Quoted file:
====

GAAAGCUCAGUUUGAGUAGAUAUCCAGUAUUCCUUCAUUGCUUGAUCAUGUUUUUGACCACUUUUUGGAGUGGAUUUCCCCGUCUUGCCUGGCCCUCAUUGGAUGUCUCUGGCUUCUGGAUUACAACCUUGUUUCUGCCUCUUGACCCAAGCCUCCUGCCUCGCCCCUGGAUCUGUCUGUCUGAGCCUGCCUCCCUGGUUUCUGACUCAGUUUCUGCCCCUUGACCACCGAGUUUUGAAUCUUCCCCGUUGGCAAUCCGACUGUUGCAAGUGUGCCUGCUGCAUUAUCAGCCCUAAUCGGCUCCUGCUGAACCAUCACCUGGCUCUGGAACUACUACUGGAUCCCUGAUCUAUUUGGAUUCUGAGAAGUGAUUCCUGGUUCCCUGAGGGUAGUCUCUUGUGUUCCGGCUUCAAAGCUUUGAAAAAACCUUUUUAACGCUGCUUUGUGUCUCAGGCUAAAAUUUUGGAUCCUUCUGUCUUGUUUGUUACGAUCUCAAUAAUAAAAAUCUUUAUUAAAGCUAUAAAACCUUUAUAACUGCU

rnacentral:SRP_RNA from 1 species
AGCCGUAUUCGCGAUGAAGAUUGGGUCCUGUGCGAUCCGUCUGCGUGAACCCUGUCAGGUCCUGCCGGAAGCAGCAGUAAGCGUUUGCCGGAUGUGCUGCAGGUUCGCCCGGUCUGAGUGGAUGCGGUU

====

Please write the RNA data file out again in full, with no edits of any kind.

GAAAGCUCAGUUUGAGUAGAUAUCCAGUAUUCCUUCAUUGCUUGAUCAUGUUUUUGACCACUUUUUGGAGUGGAUUUCCCCGUCUUGCCUGGCCCUCAUUGGAUGUCUCUGGCUUCUGGAUUACAACCUUGUUUCUGCCUCUUGACCCAAGCCUCCUGCCUCGCCCCUGGAUCUGUCUGUCUGAGCCUGCCUCCCUGGUUUCUGACUCAGUUUCUGCCCCUUGACCACCGAGUUUUGAAUCUUCCCCGUUGGCAAUCCGACUGUUGCAAGUGUGCCUGCUGCAUUAUCAGCCCUAAUCGGCUCCUGCUGAACCAUCACCUGGCUCUGGAACUACUACUGGAUCCCUGAUCUAUUUGGAUUCUGAGAAGUGAUUCCUGGUUCCCUGAGGGUAGUCUCUUGUGUUCCGGCUUCAAAGCUUUGAAAAAACCUUUUUAACGCUGCUUUGUGUCUCAGGCUAAAAUUUUGGAUCCUUCUGUCUUGUUUGUUACGAUCUCAAUAAUAAAAAUCUUUAUUAAAGCUAUAAAACCUUUAUAACUGCU

rnacentral:SRP_RNA from 1 species
AGCCGUAUUCGCGAUGAAGAUUGGGUCCUGUGCGAUCCGUCUGCGUGAACCCUGUCAGGUCCUGCCGGAAGCAGCAGUAAGCGUUUGCCGGAUGUGCUGCAGGUUCGCCCGGUCUGAGUGGAUGCGGUU